Timber Circles – The Catholme ‘Sunburst’ Model.

The Catholme ‘Sunburst’ Model

Text by Henry Chapman

“The Sunburst ring ditch lay between an internal and an external bank, with a single break in its western side; it was just over 2m wide and survived to over half a metre deep. In places it seemed that it may have been preceded by a ring of pits, which lined up with the pits radiating out from the monument. We excavated 13 of these small pits beyond the ring ditch, showing that most had not held posts but were U-shaped in profile. After the ditch had refilled, it had been dug out again in segments.

The Catholme 'Sunburst' with 'Woodhenge' in the next field.

The Catholme ‘Sunburst’ with ‘Woodhenge’ in the next field.














At the centre of the ring ditch were the remains of a burial pit 2.4m×1.8m and 0.4m deep. The body had completely deteriorated but was identified by characteristic stains in the soil. Associated with the body were sherds of pottery and worked lithics. Ann Woodward has shown that the sherds probably derived from a single Beaker of David Clarke’s “Northern/North Rhine” group; petrographic study by Rob Ixer indicated that it may have travelled from northern England, or more likely from Scotland, suggesting the person was of some importance. Similarly, Lawrence Barfield suggests that some of the stone artefacts from the monument were not local.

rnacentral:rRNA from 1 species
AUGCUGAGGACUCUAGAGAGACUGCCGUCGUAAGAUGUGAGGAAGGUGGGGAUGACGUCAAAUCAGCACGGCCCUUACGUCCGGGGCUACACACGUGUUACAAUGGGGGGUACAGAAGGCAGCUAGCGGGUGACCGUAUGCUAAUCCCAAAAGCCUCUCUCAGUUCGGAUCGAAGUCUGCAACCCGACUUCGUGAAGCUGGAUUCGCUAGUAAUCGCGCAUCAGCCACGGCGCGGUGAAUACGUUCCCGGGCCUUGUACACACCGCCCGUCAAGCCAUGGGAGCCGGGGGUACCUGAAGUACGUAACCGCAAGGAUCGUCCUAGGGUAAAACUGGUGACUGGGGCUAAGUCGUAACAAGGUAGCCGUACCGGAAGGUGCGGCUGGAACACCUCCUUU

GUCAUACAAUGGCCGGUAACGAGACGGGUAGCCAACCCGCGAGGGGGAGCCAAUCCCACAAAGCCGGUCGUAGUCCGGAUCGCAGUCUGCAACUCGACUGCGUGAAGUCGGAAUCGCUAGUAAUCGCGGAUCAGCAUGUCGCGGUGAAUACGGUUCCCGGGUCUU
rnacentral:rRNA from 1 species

Watters’ 3D modelling of the GPR data had accurately picked up the segmented recutting of the second phase, in addition to the earlier ditch and the central burial. It had also picked out the surrounding pits. Most significantly, the GPR had shown a circle of pits beneath the ring ditch, which we identified in excavation as a possible earlier phase. We would have missed these by excavation alone, which sampled the ring ditch in plan and section according to the scheduling constraints. However, with the three-dimensional GPR data, it was possible to understand this critical phase.

All this suggests that the radiating lines of pits had been the first monument. The innermost pit circle had then been reworked, initially with a hengiform type of ditch with a single entrance, and later by a segmented ditch. Modelling of the four radiocarbon dates from the ditch, by Derek Hamilton, Peter Marshall, Gordon Cook and Christopher Bronk Ramsey, indicated that the two phases occurred close together, with the recut around 2570–2490BC. In contrast, the Beaker pottery associated with the central burial suggests this was a later insertion at around 2000BC, some 500 years later. The “sunburst” itself remains undated, but must still have been visible when the first ditch was dug..”

Read the full story of the Catholme Timber Complex here.

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